We have helped fund a local watershed group to remove numerous poorly designed road crossings that prevented coho salmon and steelhead from reaching large portions of the Mattole River watershed.
The Verde River is an important tributary to the Colorado River and a unique resource in Arizona. One of the few perennially flowing rivers in the Southwest, the Verde sustains lush riverside forest, a large and diverse wildlife population, and provides critical drinking water to many Central Arizona communities. Aboriginal cultures have been present in the area for thousands of years. Cliff dwellings can still be seen in the rocks above the river.
Meadows are critical to the larger watershed because of their unique hydrologic and ecological functions. They store spring floodwaters and release cool flows in late summer; they filter out sediment and pollutants, produce high-quality forage and provide habitat for rare and threatened species. American Rivers is currently working on the critical needs of our Sierra Meadows through several different projects.
Our list of 60 dams that were removed in 2010, benefitting hundreds of miles of rivers nationwide.
We are developing and standardizing methods to assess, prioritize and restore Sierra meadows and guidelines for monitoring post-restoration outcomes.
In California, at least 80% of the historic spawning and rearing habitat historically available to salmon and steelhead has been blocked by barriers. Our California program focuses on removing obsolete dams and other barriers to provide fish migration and restore more natural river conditions
American Rivers is providing funding to California State Parks through our National Partnership with the NOAA Community-based Restoration Program to look at the possibility of dam removal and river restoration to open up over 60 miles of Eel River to salmon. Dam removal would mean there would be no more barriers to salmon on the South Fork of the Eel River. The dam is also a liability and cost to California State Parks and California taxpayers so there would also be financial benefits to removal.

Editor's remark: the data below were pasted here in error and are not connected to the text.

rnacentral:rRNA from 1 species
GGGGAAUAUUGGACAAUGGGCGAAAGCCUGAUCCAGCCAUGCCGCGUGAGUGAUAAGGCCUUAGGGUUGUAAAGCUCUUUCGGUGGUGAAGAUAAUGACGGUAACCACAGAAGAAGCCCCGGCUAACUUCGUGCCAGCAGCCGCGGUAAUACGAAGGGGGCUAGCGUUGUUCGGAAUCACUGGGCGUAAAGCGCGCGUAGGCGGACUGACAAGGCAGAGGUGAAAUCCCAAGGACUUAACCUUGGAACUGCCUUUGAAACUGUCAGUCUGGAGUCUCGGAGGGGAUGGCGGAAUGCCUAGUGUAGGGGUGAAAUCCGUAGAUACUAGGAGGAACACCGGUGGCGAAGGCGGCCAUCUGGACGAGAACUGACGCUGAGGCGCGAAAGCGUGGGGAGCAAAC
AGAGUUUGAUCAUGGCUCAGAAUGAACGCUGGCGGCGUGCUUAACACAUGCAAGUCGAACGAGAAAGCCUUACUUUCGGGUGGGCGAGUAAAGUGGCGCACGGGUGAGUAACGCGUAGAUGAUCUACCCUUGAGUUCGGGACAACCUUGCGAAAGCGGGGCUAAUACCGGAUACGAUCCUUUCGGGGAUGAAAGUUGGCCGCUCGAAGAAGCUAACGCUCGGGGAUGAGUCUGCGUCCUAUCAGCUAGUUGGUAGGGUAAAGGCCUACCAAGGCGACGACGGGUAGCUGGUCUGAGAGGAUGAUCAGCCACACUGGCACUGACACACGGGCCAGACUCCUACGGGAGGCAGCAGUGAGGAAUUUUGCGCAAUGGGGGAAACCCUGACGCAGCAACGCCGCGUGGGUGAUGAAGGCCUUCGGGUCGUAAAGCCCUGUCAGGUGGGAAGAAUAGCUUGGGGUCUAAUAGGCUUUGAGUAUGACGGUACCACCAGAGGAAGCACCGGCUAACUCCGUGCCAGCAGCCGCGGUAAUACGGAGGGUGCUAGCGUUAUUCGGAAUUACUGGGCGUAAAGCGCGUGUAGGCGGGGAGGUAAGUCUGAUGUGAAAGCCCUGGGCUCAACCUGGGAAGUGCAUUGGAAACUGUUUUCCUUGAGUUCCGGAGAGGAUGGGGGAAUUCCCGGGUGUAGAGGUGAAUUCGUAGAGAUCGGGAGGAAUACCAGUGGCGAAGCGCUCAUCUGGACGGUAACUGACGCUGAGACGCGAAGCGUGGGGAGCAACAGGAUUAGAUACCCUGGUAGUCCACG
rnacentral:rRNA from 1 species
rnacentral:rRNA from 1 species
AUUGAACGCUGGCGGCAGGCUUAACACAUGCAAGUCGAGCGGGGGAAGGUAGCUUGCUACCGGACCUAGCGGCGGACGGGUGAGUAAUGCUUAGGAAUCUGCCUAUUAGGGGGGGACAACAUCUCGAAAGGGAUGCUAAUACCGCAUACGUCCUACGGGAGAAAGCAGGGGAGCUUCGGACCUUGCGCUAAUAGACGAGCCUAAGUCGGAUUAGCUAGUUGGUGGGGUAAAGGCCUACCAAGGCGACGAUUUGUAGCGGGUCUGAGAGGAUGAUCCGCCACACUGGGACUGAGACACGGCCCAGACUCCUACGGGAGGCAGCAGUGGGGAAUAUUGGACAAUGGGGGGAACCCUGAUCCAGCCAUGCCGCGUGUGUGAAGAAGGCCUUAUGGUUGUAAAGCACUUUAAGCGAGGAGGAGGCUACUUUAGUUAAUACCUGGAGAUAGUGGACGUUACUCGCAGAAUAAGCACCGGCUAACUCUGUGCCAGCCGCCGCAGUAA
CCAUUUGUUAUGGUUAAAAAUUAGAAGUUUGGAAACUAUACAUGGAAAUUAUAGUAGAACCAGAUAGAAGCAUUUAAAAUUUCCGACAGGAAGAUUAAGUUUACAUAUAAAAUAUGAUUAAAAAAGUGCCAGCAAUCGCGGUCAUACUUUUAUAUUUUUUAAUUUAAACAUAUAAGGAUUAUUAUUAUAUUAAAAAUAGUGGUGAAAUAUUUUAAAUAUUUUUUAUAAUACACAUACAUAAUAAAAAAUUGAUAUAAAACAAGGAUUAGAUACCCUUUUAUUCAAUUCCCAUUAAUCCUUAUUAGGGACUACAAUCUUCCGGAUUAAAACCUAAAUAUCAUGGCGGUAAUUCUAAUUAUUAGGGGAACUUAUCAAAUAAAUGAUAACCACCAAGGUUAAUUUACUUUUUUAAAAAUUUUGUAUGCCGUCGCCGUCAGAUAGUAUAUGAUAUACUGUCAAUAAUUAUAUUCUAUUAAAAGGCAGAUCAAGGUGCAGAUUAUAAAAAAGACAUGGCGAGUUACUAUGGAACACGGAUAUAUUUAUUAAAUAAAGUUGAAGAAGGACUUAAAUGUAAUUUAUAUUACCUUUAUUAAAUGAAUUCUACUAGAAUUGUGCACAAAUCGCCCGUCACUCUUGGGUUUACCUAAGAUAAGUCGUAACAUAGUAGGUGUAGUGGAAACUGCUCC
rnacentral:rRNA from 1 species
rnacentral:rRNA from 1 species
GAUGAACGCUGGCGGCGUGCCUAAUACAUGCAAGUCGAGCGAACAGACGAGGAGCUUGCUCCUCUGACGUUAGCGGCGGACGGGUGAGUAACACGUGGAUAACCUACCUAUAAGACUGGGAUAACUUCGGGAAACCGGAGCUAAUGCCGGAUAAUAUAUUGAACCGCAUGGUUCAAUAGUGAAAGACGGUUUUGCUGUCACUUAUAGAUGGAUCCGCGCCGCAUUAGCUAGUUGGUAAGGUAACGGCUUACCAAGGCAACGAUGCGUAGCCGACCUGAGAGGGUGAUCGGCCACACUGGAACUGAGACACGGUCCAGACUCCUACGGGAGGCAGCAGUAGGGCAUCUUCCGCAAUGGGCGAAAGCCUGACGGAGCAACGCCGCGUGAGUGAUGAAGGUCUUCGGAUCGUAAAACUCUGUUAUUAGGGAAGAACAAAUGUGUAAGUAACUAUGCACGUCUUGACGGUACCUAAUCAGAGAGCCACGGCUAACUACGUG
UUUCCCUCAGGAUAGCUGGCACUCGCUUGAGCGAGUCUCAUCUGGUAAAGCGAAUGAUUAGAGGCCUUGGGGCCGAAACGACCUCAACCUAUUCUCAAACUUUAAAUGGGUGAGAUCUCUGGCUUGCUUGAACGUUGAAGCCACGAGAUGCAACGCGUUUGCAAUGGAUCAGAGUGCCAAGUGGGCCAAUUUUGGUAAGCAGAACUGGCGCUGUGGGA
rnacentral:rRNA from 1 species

The Klamath River once supported the third-largest salmon run on the West Coast. Today, salmon and steelhead runs are a fraction of their historic abundance, with some near extinction.
Some of California's oldest dams are located on the Yuba river, blocking salmon and steelhead from their historic habitat in the upper Yuba basin.
The West Fork of the Carson River meanders down the Sierra through Hope Valley, a highly visible meadow American Rivers is working to restore with our project partners.
Flood risk is growing in the Central Valley because the current flood conveyance system is insufficient to contain existing or future floods. American Rivers is working to reduce risk, restore ecosystems through flood conveyance and appropriate land usage.